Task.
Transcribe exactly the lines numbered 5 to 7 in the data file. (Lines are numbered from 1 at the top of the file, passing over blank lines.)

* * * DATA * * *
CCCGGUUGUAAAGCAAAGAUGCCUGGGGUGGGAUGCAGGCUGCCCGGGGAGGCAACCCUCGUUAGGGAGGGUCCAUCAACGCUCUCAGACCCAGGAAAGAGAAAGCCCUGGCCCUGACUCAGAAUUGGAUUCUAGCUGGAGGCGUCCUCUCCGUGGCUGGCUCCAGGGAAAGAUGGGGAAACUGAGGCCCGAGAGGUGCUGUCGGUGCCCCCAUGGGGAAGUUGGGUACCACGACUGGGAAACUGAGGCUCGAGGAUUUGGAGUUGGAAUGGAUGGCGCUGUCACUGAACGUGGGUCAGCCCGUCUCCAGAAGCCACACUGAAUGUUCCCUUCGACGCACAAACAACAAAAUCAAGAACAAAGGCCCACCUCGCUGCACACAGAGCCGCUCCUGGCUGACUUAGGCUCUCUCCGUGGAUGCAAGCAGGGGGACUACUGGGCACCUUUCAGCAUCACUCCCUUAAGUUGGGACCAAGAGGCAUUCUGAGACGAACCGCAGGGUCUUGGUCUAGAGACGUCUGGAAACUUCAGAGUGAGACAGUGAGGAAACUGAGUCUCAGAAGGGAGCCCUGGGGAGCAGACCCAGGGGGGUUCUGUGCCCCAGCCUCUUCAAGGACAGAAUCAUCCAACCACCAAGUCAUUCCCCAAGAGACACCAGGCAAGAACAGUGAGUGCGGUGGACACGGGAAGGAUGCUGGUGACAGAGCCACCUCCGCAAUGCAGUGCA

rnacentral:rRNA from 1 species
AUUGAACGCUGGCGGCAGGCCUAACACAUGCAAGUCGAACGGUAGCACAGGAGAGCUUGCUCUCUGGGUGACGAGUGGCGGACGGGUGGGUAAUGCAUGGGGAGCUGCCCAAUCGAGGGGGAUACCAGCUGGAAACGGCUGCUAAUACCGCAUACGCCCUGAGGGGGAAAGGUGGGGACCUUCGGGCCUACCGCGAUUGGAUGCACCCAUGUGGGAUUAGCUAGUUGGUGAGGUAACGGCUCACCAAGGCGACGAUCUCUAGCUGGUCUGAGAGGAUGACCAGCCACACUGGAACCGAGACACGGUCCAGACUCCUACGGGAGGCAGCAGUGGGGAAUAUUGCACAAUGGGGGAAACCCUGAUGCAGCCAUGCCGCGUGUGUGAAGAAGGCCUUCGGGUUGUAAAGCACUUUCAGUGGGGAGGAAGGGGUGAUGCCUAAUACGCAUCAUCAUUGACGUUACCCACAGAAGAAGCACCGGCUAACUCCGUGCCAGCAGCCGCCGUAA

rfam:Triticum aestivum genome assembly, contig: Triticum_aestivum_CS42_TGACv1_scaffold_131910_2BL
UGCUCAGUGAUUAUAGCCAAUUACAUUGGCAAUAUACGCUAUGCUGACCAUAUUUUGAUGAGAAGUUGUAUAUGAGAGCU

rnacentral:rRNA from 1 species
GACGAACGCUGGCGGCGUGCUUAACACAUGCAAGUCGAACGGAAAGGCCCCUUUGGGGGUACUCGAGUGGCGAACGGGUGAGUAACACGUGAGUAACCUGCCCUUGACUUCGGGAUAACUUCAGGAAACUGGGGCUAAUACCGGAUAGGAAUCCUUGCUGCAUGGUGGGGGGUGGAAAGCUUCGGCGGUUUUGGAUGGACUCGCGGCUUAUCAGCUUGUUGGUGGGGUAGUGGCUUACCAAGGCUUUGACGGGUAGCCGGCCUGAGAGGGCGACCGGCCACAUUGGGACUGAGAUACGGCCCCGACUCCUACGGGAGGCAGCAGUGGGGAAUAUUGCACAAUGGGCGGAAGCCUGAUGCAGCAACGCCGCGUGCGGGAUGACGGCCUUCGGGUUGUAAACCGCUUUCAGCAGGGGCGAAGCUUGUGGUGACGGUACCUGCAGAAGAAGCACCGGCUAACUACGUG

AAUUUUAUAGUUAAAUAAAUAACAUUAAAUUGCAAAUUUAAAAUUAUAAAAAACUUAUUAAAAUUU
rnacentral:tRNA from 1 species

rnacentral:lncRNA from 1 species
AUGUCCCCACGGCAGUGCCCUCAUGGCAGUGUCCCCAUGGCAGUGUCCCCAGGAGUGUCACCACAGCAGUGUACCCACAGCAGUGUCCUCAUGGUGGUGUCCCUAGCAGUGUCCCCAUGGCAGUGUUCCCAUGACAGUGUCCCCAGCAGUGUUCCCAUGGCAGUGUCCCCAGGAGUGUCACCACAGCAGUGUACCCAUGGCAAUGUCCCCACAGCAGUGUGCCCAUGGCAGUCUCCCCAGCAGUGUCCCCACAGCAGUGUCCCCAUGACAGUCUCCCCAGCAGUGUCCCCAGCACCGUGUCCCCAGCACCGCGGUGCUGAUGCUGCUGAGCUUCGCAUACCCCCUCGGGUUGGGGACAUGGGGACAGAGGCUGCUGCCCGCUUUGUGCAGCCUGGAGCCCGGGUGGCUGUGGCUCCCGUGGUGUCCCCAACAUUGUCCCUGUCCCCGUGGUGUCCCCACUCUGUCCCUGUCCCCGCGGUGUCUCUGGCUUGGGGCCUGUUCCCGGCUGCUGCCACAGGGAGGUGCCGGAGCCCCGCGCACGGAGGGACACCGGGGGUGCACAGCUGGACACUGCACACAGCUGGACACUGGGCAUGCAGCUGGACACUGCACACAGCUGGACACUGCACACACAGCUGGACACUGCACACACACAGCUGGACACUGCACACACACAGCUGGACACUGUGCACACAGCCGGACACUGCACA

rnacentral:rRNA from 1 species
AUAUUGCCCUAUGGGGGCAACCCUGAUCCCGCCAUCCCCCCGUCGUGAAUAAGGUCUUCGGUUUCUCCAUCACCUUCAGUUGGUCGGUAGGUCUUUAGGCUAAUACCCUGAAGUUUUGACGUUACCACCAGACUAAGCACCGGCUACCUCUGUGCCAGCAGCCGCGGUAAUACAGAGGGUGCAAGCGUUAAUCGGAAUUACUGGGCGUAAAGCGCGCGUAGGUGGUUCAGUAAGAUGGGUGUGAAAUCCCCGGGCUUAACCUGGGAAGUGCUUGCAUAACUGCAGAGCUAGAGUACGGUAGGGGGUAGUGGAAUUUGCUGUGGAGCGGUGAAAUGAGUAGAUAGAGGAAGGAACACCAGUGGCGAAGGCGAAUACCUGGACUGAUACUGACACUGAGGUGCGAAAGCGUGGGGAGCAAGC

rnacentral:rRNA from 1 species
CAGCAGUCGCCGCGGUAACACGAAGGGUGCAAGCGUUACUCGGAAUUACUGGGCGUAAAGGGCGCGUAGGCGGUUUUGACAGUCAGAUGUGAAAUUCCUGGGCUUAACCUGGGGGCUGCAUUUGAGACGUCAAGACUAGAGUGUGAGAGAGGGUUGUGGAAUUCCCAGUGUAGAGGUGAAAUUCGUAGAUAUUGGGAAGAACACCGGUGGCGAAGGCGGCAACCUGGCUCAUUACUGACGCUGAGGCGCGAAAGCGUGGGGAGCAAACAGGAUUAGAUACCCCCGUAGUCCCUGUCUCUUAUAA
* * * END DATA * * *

UGCUCAGUGAUUAUAGCCAAUUACAUUGGCAAUAUACGCUAUGCUGACCAUAUUUUGAUGAGAAGUUGUAUAUGAGAGCU

rnacentral:rRNA from 1 species
GACGAACGCUGGCGGCGUGCUUAACACAUGCAAGUCGAACGGAAAGGCCCCUUUGGGGGUACUCGAGUGGCGAACGGGUGAGUAACACGUGAGUAACCUGCCCUUGACUUCGGGAUAACUUCAGGAAACUGGGGCUAAUACCGGAUAGGAAUCCUUGCUGCAUGGUGGGGGGUGGAAAGCUUCGGCGGUUUUGGAUGGACUCGCGGCUUAUCAGCUUGUUGGUGGGGUAGUGGCUUACCAAGGCUUUGACGGGUAGCCGGCCUGAGAGGGCGACCGGCCACAUUGGGACUGAGAUACGGCCCCGACUCCUACGGGAGGCAGCAGUGGGGAAUAUUGCACAAUGGGCGGAAGCCUGAUGCAGCAACGCCGCGUGCGGGAUGACGGCCUUCGGGUUGUAAACCGCUUUCAGCAGGGGCGAAGCUUGUGGUGACGGUACCUGCAGAAGAAGCACCGGCUAACUACGUG